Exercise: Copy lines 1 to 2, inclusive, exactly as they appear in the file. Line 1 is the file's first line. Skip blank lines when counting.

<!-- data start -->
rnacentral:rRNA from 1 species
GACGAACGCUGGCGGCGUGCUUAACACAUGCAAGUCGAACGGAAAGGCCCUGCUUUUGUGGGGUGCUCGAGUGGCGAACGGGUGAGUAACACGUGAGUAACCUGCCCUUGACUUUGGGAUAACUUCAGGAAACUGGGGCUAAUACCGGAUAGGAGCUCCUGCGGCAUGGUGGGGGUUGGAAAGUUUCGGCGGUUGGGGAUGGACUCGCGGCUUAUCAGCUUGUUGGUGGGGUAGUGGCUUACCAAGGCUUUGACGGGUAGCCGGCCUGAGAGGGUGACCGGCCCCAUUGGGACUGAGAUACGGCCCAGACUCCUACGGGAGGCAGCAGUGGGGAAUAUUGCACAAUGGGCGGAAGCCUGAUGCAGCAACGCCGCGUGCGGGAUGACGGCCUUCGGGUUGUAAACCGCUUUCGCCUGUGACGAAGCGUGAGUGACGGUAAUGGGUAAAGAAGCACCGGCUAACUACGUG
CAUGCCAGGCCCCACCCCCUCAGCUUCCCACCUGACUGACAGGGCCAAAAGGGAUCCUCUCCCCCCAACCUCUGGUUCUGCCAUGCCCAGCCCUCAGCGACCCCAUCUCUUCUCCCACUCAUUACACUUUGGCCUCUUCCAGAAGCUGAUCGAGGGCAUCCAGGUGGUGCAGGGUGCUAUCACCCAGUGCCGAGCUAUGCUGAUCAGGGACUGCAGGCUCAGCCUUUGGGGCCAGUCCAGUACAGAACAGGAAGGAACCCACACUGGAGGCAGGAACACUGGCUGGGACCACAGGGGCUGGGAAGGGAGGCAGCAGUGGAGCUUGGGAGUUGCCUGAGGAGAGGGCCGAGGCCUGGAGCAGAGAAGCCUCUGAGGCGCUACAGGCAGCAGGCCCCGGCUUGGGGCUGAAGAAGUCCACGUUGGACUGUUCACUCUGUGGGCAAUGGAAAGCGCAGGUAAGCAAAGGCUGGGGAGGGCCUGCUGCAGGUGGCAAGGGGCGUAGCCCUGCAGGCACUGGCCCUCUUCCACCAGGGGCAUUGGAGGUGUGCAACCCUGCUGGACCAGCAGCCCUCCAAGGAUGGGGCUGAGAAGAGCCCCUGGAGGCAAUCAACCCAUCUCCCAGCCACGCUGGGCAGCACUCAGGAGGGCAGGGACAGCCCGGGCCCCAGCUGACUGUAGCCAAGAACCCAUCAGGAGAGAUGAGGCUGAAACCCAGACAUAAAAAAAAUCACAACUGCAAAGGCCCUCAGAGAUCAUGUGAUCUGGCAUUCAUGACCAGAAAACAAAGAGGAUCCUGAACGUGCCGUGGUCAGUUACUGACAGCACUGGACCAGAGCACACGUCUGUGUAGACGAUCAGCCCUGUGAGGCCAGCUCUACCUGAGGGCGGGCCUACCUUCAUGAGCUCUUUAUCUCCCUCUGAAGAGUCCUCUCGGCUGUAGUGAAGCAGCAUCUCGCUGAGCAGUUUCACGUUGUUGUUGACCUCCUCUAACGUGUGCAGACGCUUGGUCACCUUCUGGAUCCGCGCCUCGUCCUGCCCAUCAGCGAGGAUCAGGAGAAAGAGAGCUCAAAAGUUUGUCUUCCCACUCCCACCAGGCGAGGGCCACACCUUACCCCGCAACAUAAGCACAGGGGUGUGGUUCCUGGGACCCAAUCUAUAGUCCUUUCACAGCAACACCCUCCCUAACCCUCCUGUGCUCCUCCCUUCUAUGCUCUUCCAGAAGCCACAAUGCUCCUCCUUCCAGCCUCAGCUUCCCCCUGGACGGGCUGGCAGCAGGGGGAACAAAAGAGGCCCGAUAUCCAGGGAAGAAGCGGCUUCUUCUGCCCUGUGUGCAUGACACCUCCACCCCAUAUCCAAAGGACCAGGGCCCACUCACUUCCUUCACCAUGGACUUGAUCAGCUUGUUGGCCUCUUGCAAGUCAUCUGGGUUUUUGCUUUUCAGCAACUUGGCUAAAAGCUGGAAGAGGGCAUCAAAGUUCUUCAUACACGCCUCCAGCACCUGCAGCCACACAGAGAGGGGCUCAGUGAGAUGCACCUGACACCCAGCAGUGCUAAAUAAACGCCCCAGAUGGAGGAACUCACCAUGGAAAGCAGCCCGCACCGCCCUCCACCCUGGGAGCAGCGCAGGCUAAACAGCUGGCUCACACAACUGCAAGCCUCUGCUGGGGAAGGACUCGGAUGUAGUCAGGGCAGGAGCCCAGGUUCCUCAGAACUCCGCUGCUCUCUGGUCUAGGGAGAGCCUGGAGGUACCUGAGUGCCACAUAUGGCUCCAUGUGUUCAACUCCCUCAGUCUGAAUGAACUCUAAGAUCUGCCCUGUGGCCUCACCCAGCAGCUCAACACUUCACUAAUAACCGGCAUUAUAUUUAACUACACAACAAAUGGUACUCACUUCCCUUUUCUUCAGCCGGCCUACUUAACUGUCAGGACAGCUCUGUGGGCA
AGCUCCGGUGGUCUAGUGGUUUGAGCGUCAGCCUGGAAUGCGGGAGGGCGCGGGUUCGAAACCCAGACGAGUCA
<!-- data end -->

rnacentral:rRNA from 1 species
GACGAACGCUGGCGGCGUGCUUAACACAUGCAAGUCGAACGGAAAGGCCCUGCUUUUGUGGGGUGCUCGAGUGGCGAACGGGUGAGUAACACGUGAGUAACCUGCCCUUGACUUUGGGAUAACUUCAGGAAACUGGGGCUAAUACCGGAUAGGAGCUCCUGCGGCAUGGUGGGGGUUGGAAAGUUUCGGCGGUUGGGGAUGGACUCGCGGCUUAUCAGCUUGUUGGUGGGGUAGUGGCUUACCAAGGCUUUGACGGGUAGCCGGCCUGAGAGGGUGACCGGCCCCAUUGGGACUGAGAUACGGCCCAGACUCCUACGGGAGGCAGCAGUGGGGAAUAUUGCACAAUGGGCGGAAGCCUGAUGCAGCAACGCCGCGUGCGGGAUGACGGCCUUCGGGUUGUAAACCGCUUUCGCCUGUGACGAAGCGUGAGUGACGGUAAUGGGUAAAGAAGCACCGGCUAACUACGUG